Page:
New Zealand Supports International Petroleum Exchange's EffortsEnvironment
New Zealand's Environment Minister Simon Upton today welcomed a proposal by the International Petroleum Exchange to establish a traded market for CO2 emissions, in response to a challenge to London financial markets from British Deputy Prime Minister John Prescott.
But Mr Upton said that emissions trading would only deliver its full potential if it was based on company-to-company trading without artificial, government-imposed constraints.
"The future of emissions trading hangs on whether European Union countries are prepared to adopt a flexible, intelligent approach to the use of the mechanism.
"John Prescott's challenge to the markets to develop a system was an important signal reflected the depth of thinking in the United Kingdom Government about how climate change should be tackled".
"But elsewhere in Europe tradeable emissions permits are treated with varying degrees of suspicion amounting, in some cases, to outright hostility. Disturbingly, the EU has already called for a limit on the extent to which countries can rely on international permit trading to meet their Kyoto commitments.
"If such a ceiling comes to pass, it will simply raise the price of emission permits on the international market for no extra environmental benefit".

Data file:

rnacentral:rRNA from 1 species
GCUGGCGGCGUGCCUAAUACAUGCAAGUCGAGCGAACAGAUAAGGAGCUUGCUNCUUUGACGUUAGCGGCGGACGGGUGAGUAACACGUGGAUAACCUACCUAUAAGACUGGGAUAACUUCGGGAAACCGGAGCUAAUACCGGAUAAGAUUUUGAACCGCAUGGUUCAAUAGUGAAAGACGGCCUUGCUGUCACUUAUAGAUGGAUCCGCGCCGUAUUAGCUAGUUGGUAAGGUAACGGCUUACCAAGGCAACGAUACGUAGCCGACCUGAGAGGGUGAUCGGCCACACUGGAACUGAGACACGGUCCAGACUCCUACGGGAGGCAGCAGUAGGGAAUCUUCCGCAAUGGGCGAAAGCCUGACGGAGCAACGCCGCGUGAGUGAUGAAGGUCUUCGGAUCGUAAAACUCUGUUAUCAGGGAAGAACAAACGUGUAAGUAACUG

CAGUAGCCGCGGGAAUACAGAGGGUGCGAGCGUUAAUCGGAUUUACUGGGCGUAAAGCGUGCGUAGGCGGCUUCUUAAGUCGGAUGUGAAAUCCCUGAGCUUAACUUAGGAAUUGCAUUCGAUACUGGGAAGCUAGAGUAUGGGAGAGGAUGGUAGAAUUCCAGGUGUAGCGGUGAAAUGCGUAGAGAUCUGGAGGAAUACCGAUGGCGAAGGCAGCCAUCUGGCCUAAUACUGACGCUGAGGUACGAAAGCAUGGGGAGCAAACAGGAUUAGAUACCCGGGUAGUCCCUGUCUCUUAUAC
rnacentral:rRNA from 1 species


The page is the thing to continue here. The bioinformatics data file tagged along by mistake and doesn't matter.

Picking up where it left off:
New Zealand has advocated an unfettered trading system within the Annex 1 group of countries on the basis that energy users are best placed to identify and to price emission abatement opportunities wherever they may occur.
"Trading must be unconstrained and the traders should be commercial operators. What we need is a world price for carbon."
Mr Upton noted that New Zealand's strong advocacy for trading flows from the fact that New Zealand faces relatively high costs to reduce emissions. Much of its electricity is derived from hydro and geothermal sources. No coal is burnt. It has fewer cheap options to pursue than most countries.
"By calling for domestic action instead of trading the EU seems to ignore the fact that countries would still have to meet set reduction targets and that permits, like all other solutions, cost real money. By generating a world price for permits within whatever cap is negotiated, a trading regime means that all countries face the same costs for every ton of CO2 emitted. No other approach can deliver such an equitable sharing of the burden of reducing emissions.
Mr Upton noted that developed countries outside the European Union didn't have the political institutions available to them to construct a "bubble" like Europe. Trading was the only way of generating a similar approach to burden sharing.
"My fear is that if the European Union seeks to limit the use of emissions trading, a number of key countries like the US may find themselves unable to ratify the protocol. For that reason, the European Union's attitude to emissions trading has now become central to the fate of the Framework Convention on Climate Change".